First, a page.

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Tuesday, June 28, 2022

The Restructuring CIO: Transforming How IT Works

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I’ve previously discussed how CIOs are the new “rock stars” of companies by taking center stage in their organization’s strategic transformation. I expanded on this concept in a series of articles on the five “Rs,” from reskilling the workforce to reducing costs, building resiliency and reinventing how the business interacts with customers. The final “R” is perhaps also the most foundational: restructuring the overall way IT and the technology focused organizations work with the business. This gets to the root of how technology teams are set up, and how it specifically helps the business succeed (instead of it being a discrete goal like reducing costs). Restructuring plays out across two key dimensions — the organization of the business and practices and processes related to how IT approaches its work.

On an organizational level, restructuring is about realigning the company to put technology at the heart of every business decision, tying everyone to a north star vision, creating cross functional teams organized by product or service and measuring success through collective business outcomes. This is all about how IT works, from an organizational perspective. This often involves a heavy dose of well-known concepts like Agile, DevOps, DevSecFinOps, etc.

‘Build, Measure, Learn, Repeat’

In tandem with changing the way IT works with the business, adopting new practices to boost agility and experimentation is key. At the heart of the approach is establishing a “build, measure and learn” model to modern engineering, guided by customer and other data insights. Overall, this is about moving from a “project” to a “product” mindset, from thinking about systems to thinking about platforms. It entails hyper automation throughout the business, modern engineering mindsets and approaches and relies on data-driven insights.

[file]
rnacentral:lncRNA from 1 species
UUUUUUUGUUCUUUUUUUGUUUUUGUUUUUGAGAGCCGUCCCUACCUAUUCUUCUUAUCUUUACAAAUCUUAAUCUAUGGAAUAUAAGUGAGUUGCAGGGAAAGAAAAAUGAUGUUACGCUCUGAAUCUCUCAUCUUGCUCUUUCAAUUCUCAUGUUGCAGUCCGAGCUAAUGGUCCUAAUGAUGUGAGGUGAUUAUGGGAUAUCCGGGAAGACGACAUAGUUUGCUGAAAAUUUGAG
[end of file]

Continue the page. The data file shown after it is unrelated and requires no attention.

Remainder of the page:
The outcomes here are significant: From a 15-20% increase in productivity from hyper automation to 10-15% efficiency uplift with aspects of modern engineering (like DevOps) to a 20-30% increase in EBITDA from more effective use of data.

Restructuring in Action

We’re seeing firsthand how several companies are putting this into play. For example, a utility based in the US shows the positive results that can happen when a company properly restructures: the utility is quickly adapting to changing customer needs, along with the imperative to digitize many of its capabilities. This aggressive push to modernize is enabled by adopting product-based team constructs, adjusting the resource model to reflect digital skills, and leveraging coaching to sustain maturity in the long term.

On the other hand, we saw how one global investment bank learned the hard way that infusing agility into the business is not easy, with core enablement and developer tooling lacking and ultimately limiting outcomes. Now that they are investing in DevOps capabilities, tools and lessons, and finally seeing good outcomes.

The combinatorial power of product management, research and insights and team collaboration can result in significant value. Teams need data and insights into the data to inform their direction, guarantee accountability, help leaders prioritize and focus and hone inter-team discipline for effective collaboration. Many organizations are going one step further and infusing product operations capabilities. Though the way these are implemented vary (and in some circles are controversial), the goal is to ensure that data, research, insights, analytics, and testing/experimentation become core, team-level capabilities.

Rock on, CIOs

This final and comprehensive “R” implicates the “rock star” CIO’s ability to conduct the show and orchestrate different working patterns and collaboration, improving results rapidly over time. With this foundation in place, the CIO can become a key champion for driving business outcomes. Rock on, rock stars.

Andrew Sinclair, managing director, Technology Strategy & Advisory at Accenture also contributed to this article.

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